Category Archives: Budget

How resilient is CMHC to a US style housing crash?

Kabloona points out this article asking yet again how this country would fare in a US style housing market crash, but particularly how the CMHC would fare:

Canada Mortgage and Housing Corp., which protects financial institutions in the case of consumer default and is 100 per cent backed by Ottawa, said in a release Wednesday that it looked at anti-globalization, earthquakes, a steep oil price fall and a U.S.-style housing correction to see how its insurance portfolio would hold up. It did not look at a combination of any of those scenarios.

The verdict is a U.S.-style correction would be its worst scenario for its insurance program with a cumulative loss of $217 million from 2017 to 2022 which would come on top of a need for the Crown corporation to suspend its dividends to Ottawa. CMHC paid Ottawa a special dividend of $4 billion in June because of excess capital and issued a $240 million dividend in August.

Read the full article here.

Mortgage carrying costs to rise 8% next year

Scotiabank is forecasting a big bump in mortgage carrying costs:

New buyers can expect home ownership to become even less affordable next year as mortgage costs rise, while current owners will be largely insulated from higher rates.

Add it all up, and the bank forecasts that Canada’s housing market seems to have “peaked” and is expected to cool down from its recent breathtaking pace.

Read the full article here.

OMG OSFI!

YVR pointed out this article by Rob Mclister about the OSFI B-20 bombshell:

The new OSFI’s stress test rules will make 20% of the mortgage market not qualify or they will have to reduce their mortgage by 18% to qualify. That is before recent and future mortgage rate increases are factored in.

Roughly 80% of new big bank lending in the richly valued Toronto and Vancouver markets is low-ratio mortgage lending

OSFI’s stress test, as proposed, would slash buying power for prime buyers by roughly 18%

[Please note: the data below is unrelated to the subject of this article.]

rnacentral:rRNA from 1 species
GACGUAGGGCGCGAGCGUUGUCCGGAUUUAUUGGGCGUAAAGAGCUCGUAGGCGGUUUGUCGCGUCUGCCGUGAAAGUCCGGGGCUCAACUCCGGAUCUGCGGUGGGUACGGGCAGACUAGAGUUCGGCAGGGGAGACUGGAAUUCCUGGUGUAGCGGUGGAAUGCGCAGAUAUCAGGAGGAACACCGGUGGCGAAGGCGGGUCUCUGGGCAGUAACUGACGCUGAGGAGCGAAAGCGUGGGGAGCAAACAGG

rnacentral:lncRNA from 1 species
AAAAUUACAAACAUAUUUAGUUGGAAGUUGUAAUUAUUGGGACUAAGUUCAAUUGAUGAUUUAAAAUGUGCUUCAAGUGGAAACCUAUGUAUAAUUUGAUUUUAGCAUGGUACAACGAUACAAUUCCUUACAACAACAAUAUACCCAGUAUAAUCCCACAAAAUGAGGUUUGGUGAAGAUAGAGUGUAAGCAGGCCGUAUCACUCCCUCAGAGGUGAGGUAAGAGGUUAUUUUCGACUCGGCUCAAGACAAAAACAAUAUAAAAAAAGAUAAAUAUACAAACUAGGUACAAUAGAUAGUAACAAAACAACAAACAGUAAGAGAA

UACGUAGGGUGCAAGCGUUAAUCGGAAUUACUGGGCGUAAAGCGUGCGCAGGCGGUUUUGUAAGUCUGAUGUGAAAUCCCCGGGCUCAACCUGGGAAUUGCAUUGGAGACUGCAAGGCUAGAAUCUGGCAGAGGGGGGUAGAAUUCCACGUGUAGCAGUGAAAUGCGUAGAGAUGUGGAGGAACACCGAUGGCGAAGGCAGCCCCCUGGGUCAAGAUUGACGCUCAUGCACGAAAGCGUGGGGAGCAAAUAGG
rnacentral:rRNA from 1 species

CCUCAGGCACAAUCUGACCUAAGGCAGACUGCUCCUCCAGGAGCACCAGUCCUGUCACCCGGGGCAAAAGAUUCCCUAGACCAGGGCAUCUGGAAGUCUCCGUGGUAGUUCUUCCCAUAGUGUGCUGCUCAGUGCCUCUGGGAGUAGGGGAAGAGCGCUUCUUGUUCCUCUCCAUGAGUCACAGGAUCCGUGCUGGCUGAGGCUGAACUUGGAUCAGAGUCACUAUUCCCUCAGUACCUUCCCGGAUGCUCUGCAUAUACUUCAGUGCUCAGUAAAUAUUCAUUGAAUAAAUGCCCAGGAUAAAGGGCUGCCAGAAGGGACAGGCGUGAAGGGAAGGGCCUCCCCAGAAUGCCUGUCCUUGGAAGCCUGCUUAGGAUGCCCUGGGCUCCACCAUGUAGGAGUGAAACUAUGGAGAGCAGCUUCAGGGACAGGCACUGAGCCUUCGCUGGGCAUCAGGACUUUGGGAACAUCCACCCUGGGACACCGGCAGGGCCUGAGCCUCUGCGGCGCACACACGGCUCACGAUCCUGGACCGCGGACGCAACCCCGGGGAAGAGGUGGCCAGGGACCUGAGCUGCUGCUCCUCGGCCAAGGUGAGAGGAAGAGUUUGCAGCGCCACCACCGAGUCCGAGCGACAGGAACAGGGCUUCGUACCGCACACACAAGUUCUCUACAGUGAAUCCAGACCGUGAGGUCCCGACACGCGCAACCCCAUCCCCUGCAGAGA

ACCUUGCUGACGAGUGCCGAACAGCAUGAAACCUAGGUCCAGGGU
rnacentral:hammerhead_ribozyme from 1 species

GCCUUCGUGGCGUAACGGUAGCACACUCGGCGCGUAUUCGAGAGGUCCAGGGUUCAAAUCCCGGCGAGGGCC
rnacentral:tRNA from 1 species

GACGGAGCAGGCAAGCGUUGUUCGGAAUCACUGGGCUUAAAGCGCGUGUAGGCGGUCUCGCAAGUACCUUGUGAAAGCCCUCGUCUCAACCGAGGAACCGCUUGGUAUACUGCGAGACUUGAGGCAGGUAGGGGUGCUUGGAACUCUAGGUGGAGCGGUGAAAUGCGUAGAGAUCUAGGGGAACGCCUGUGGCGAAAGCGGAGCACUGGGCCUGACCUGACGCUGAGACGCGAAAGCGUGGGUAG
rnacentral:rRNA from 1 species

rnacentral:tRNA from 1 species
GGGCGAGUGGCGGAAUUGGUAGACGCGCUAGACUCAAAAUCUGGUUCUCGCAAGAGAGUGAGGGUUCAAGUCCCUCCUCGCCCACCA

For non-prime borrowers, qualifying rates would immediately rocket into the 6% to 7% range

Read the full article here.

Good time to be sitting on a $800k down payment

With interest rates going up there’s good news and bad news for housing. It can make it tough for people who are stretched thin financially, but might be good news for people waiting to buy:

The people who will benefit are those who have a nest egg and have been waiting for the right time to buy a home, he said.

“The real winner here is somebody sitting on a $800,000 down payment who says I’m going to wait for prices to fall.”

Overall, interest rates will continue to rise, added Brander. He predicts mortgage-lending rates could increase by several percentage points in the coming years. But as long as those increases are incremental, like Wednesday’s announcement, the economy will be able to absorb it, he said.

Seems like it’s always a good time to be sitting on an $800k down payment, but maybe we’re just optimists. Read the full article here.

Owe Canada! Canadians love debt

Owe Canada posted this in the weekends thread and it’s got some very interesting numbers:

Canadian annual gdp at the present time is $2.06 trillion.

In the 1 year period from the end of December, 2015 to the end of December, 2016 (calendar year 2016) the Canadian economy grew by 1.4% – ie: the size of the economy grew by $28.9 billion.

In this same 1 year time frame the total debt outstanding in Canada grew by $309 billion. For each $1.00 the economy grew in this 1 year period the total debt outstanding increased by $10.69.

Looking at just the total debt outstanding of domestic non-financial sectors in Canada. In the 1 year period from the end of December, 2015 to the end of December, 2016 the total debt outstanding of domestic non-financial sectors increased by $215 billion. For each $1.00 the economy grew in this 1 year period the total debt outstanding of domestic non-financial sectors increased by $7.43.

At the end of December, 2016 the total debt outstanding in Canada was 3.5 times greater than our annual gdp, and looking at just the total debt outstanding of domestic non-financial sectors, that was 2.5 times greater than our annual gdp.

Here’s more from Owe Canada.